This service is exactly what the name suggests – one man, one van, no lorries, no teams of people at your disposal. It’s absolutely ideal if your move is small – for example, you’re moving from a one-bedroom London flat or a studio to another property of the same or similar size. You’ll be able to keep your costs down and should find that you also have the option of paying an hourly rate. You may be able to join in with the carrying and loading, which means you can shave even more time off the duration of the move. Some man and van establishments don’t come with additional services, so there may not be the option of having someone else do your packing and unpacking, although with Aussie, you can still avail yourself of all kinds of bolt-on services, including cleaning, the supply of packing materials and storage facilities.
This option generally gives you lorries rather than vans, plus a team of people, including project manager, packers, movers, drivers and more. If you’re moving between multi-storey London houses, it makes much more sense than using a man and van service, which would necessitate multiple trips between your old and new property, instead of just one. You’ll be able to get a full, fixed-price quote in advance so you won’t have to worry about the clock ticking or your move inadvertently taking longer because of bad traffic.
When you buy and/or sell property, what exactly are you getting when you hand over fees to your solicitor? It’s not always obvious. While you know exactly what you’re getting with, say, a man and van service, it may be less apparent just what a solicitor is doing for you. Sometimes, what with all the other demands on your time and your wallet, you can end up wondering why you even need to have one. What is the solicitor actually up to and how is it helping to usher along the moving-house process?
It’s not always the first thing we keep in mind when moving house, but it should definitely be confronted sooner or later; in this day and age, it’s important to move in an environmentally-conscientious manner. More and more of us are waking up to the importance of being friendly to the planet that we call home. After all, we look after our flats and houses, so why not the wider world around us? Being green while moving is no big deal – we can all do it by just keeping a few things in mind. Needless waste and preventable pollution are things all of us can avoid – it isn’t difficult or complicated. If you’re on the verge of a move, here are a few thoughts and ideas to help you keep things green and eco-friendly.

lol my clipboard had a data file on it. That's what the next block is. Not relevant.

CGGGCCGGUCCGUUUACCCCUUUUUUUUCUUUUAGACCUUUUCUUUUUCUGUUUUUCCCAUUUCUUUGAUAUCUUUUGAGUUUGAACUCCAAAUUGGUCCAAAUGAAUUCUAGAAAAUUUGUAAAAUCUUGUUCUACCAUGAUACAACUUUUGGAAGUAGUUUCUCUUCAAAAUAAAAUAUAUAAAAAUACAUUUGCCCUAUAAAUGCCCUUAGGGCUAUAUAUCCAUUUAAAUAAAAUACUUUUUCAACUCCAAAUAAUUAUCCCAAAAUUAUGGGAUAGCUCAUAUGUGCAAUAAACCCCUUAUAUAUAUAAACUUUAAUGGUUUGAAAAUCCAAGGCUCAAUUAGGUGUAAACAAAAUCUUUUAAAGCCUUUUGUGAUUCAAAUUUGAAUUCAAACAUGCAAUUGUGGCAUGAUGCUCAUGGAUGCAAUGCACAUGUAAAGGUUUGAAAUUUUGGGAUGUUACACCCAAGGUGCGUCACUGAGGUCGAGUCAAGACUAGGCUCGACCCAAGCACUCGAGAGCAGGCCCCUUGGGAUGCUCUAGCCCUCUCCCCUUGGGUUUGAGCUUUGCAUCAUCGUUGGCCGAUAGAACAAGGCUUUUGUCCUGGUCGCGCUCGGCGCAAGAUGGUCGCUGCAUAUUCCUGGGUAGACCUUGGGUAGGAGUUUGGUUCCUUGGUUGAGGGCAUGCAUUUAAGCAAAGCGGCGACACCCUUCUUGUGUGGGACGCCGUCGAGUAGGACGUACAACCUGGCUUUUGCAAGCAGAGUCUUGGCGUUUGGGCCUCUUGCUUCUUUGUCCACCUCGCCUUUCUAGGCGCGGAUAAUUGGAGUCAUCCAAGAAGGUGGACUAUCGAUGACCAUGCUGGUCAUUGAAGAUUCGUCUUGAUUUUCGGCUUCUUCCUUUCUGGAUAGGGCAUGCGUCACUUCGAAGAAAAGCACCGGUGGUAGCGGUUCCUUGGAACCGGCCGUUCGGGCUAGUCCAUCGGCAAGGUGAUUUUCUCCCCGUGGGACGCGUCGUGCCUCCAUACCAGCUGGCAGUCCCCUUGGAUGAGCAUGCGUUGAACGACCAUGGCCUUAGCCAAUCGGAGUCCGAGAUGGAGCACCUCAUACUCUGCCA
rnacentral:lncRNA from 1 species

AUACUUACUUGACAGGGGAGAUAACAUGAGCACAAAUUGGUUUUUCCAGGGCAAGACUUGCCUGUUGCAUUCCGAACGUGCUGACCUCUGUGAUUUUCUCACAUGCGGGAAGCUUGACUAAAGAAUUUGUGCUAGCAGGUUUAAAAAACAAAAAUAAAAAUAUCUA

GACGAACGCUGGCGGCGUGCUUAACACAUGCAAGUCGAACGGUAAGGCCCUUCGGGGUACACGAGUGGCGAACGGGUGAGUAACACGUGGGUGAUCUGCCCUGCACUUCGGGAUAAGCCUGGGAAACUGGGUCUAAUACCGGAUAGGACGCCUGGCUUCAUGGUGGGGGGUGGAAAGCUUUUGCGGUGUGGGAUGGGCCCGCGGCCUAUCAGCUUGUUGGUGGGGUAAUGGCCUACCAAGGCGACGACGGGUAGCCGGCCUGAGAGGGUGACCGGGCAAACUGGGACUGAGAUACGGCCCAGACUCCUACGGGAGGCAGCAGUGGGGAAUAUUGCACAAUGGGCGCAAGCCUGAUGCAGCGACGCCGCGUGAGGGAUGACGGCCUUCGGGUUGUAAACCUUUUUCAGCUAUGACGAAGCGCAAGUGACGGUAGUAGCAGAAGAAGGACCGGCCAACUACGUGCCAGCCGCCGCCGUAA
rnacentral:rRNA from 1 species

It’s impossible to move home by just chucking everything willy-nilly into bags and suitcases. Packing requires planning, forethought and care, without which you’ll pay in myriad ways. Aussie has a packing/unpacking service which has a stress-melting effect for our clients, leaving them free to carry on with their lives while we do the work, and we can also provide them with advice on all matters relating to their move. One of the most important things to get right is the packing up of fragile items – it’s truly devastating to get to the destination point and discover that precious and much-loved possessions are smashed, dinged, bent or broken. It’s all so avoidable. If you’re packing up your own belongings, then it’s worth brushing up on the appropriate knowledge before you get going. Here is some of the guidance that we give our clients.
Perhaps the last thing on your mind when you’re planning your move is what on earth you’ll do about the fish tank (and its precious inhabitants). There’s so much else to get on with that the complicated matter of moving pets ends up on the back-burner. Still, eventually it’s something you’ll have no option but to address, so here are some pointers and some guidance to make sure everything goes swimmingly.
Your move may be a little way off, but it’s never too soon to get organised and one of the aspects of moving that’s all too often overlooked is the need to apprise people of the imminent change of address. Here, we’ve drawn up a list of all the likely organisations and institutions who’ll need to stayed informed. Our advice is to sit down about a week before your moving day and work through the list methodically. Read more…